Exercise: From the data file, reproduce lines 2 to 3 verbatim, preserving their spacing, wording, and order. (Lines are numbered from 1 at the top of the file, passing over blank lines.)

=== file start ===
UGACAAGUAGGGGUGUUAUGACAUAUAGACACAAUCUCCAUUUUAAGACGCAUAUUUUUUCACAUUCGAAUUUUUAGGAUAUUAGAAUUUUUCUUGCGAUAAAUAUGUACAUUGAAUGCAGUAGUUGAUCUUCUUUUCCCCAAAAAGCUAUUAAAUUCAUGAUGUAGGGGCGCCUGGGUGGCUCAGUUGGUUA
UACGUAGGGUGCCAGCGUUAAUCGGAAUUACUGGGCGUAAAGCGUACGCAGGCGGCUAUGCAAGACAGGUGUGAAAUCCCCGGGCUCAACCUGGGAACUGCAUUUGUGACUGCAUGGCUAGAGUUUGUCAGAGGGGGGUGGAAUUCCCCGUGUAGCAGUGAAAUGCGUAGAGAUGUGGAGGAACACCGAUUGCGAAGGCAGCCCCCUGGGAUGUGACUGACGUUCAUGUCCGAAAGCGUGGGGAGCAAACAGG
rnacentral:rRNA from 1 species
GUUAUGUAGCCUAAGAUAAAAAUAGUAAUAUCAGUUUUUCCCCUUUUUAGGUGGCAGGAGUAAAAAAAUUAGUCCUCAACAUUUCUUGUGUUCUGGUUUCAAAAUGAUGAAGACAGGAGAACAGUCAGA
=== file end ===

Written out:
UACGUAGGGUGCCAGCGUUAAUCGGAAUUACUGGGCGUAAAGCGUACGCAGGCGGCUAUGCAAGACAGGUGUGAAAUCCCCGGGCUCAACCUGGGAACUGCAUUUGUGACUGCAUGGCUAGAGUUUGUCAGAGGGGGGUGGAAUUCCCCGUGUAGCAGUGAAAUGCGUAGAGAUGUGGAGGAACACCGAUUGCGAAGGCAGCCCCCUGGGAUGUGACUGACGUUCAUGUCCGAAAGCGUGGGGAGCAAACAGG
rnacentral:rRNA from 1 species